If your finances have been impacted due to the coronavirus outbreak, you may be able to take a mortgage payment holiday for up to 3 months. The government has instructed banks and other lenders to allow struggling customers a 3 month holiday on their mortgage repayments.
You’ll stop making your regular monthly payments during the holiday, but you’ll still be charged interest for this time. So, your repayments will be higher after the holiday ends. So, those mortgage holders who are struggling to make their monthly payments, who have been affected by coronavirus, shall be entitled to a three month payment holiday. Requests are being fast-tracked.
Each lender differs when it comes to implementing the scheme.
The three month payment holiday usually has two options: 1) Don't pay the capital and interest for up to 3 months. The unpaid interest accumulated over the three months would be added to the total amount of the mortgage loan, which would lead to a small increase in monthly payments for the rest of the term 2) The term itself could be extended by three months, which could slightly reduce monthly payments.
Lenders generally review each case on its individual merits and payments normally need to be up to date to qualify for the payment holiday.
If you don't wish to take a payment holiday, you could seek to reduce your monthly payments for a certain period. You will need to discuss this with your lender.
If you agree a payment holiday or a payment reduction with your lender, there should be no negative impact on your credit score as you are deemed as not having “missed” a payment without prior arrangement.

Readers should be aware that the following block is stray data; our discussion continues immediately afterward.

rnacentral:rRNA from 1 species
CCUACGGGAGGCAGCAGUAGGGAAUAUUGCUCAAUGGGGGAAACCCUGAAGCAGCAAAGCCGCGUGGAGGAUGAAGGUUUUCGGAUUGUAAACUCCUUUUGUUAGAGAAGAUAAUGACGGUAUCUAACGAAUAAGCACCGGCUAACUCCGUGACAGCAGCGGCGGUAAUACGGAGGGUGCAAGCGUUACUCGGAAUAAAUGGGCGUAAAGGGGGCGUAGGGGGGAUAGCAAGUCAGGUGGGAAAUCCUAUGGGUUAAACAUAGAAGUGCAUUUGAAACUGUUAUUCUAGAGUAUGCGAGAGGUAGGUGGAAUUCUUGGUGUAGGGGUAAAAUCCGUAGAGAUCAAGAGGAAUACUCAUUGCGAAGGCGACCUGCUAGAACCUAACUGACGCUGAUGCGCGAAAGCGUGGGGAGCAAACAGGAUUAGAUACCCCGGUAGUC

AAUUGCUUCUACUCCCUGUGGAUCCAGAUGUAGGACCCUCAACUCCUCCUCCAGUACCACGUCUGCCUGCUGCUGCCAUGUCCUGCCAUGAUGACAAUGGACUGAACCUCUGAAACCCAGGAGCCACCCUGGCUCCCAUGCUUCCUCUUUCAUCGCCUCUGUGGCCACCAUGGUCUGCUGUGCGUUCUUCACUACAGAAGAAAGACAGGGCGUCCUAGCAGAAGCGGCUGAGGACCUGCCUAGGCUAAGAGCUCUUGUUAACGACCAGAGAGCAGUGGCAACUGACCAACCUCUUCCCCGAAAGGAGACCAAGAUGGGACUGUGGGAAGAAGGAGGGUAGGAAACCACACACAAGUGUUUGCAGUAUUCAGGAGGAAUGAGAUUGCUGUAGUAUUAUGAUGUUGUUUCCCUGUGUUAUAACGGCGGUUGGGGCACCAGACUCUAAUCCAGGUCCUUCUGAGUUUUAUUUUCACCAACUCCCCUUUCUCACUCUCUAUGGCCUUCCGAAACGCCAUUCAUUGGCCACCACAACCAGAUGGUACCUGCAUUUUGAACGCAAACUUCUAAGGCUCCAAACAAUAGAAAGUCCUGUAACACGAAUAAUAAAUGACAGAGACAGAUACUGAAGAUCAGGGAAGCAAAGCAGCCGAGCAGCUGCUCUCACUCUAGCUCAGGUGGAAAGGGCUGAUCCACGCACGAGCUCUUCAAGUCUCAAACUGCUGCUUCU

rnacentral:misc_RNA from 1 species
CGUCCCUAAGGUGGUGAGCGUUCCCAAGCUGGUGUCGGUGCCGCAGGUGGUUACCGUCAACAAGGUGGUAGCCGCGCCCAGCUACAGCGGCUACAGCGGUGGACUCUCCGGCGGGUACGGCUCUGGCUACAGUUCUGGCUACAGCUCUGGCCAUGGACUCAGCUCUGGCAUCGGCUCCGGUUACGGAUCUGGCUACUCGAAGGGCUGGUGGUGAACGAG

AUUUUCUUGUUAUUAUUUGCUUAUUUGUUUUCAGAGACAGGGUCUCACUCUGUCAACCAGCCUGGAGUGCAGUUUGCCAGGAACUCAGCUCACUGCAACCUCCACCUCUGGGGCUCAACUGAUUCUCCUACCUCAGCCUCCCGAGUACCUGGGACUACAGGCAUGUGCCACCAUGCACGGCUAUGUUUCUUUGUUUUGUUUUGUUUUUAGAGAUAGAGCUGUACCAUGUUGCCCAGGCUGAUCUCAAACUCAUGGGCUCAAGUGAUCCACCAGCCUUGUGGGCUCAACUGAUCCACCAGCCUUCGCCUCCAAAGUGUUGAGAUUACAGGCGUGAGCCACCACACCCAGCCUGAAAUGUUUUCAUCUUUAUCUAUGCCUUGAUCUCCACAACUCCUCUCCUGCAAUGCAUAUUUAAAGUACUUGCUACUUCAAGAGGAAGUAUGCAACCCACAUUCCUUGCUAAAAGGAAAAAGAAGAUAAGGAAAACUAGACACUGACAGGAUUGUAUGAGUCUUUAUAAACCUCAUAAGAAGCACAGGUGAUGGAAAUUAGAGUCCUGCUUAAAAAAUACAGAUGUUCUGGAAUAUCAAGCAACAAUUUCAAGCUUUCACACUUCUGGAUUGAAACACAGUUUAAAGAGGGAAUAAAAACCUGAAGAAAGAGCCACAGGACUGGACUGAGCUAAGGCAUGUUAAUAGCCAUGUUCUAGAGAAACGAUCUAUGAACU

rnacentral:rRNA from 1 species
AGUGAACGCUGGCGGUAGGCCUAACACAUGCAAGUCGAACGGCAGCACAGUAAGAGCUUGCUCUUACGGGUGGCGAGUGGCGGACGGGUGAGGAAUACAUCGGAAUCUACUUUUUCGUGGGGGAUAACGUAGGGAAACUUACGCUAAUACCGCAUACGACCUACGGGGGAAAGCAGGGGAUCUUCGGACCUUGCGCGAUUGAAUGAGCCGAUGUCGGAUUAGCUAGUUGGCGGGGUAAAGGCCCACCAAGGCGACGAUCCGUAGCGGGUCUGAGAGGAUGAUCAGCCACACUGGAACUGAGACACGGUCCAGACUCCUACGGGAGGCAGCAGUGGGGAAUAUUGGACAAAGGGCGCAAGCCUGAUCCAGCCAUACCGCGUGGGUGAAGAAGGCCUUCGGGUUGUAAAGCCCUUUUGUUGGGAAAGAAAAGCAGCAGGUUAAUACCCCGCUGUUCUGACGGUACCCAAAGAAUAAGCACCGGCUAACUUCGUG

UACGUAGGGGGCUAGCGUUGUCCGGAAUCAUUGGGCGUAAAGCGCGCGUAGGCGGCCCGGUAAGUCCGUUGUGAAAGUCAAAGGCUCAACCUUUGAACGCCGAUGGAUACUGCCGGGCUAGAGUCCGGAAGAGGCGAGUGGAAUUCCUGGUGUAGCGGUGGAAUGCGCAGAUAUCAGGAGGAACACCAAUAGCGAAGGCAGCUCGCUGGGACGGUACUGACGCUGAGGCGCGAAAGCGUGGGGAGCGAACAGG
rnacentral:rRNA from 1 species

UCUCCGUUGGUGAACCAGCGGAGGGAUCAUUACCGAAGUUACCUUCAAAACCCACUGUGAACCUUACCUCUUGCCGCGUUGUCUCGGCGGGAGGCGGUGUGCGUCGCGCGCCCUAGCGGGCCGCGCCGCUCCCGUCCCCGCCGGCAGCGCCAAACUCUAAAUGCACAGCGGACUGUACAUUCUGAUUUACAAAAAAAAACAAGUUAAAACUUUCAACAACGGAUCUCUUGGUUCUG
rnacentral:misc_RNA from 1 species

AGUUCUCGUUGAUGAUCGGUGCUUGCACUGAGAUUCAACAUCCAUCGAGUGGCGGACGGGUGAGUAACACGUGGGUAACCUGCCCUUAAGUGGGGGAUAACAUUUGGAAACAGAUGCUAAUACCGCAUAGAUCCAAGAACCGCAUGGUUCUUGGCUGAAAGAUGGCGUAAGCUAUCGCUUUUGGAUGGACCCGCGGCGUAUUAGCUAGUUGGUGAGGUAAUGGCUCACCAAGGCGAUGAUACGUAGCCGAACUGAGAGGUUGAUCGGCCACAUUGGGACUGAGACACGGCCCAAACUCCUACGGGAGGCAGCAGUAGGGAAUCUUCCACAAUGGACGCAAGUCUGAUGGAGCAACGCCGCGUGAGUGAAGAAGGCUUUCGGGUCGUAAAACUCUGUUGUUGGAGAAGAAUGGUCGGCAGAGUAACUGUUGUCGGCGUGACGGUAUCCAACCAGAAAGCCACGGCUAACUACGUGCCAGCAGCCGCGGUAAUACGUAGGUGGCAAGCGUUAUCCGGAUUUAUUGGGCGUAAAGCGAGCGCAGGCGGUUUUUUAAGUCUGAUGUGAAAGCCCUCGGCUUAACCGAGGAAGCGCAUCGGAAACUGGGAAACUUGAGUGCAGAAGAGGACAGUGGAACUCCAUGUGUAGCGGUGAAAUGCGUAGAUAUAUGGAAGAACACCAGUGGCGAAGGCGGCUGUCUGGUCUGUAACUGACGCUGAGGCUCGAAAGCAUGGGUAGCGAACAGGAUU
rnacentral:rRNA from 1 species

Help to Buy loans are now included where necessary for Help to Buy customers paying interest on their Equity Loans in the governments' payment holiday scheme.
Help to Buy: Equity Loans are interest-free for the first five years.
Therefore, this will apply to those who took out the loan before 31 March 2015.
Help to Buy Director at Homes England has said:
“We understand monthly mortgage payments tend to be the largest outgoing for the vast majority of households. Where households also have equity loan payments under the Help to Buy scheme, we are keen to reassure them that we will offer similar options to their main mortgage lender.
Please don’t struggle in silence. As soon as you think you might have difficulty making payments on your Help to Buy: Equity Loan account, get in touch - help is at hand.”
A lot of people are understandably worried about their credit score as the outbreak continues.
If you have outstanding debts, you should do your best to make the minimum repayments on time and always contact your lender to discuss your difficulties.
Avoid taking out any extra credit at this time unless it’s absolutely necessary to survive.
Contact us if you have any questions.
The information provided in this article is not intended to constitute legal or financial advice. You should take independent legal, accountancy or financial advice before relying on the information in this article or before decisions are made or before you embark on any course of action.
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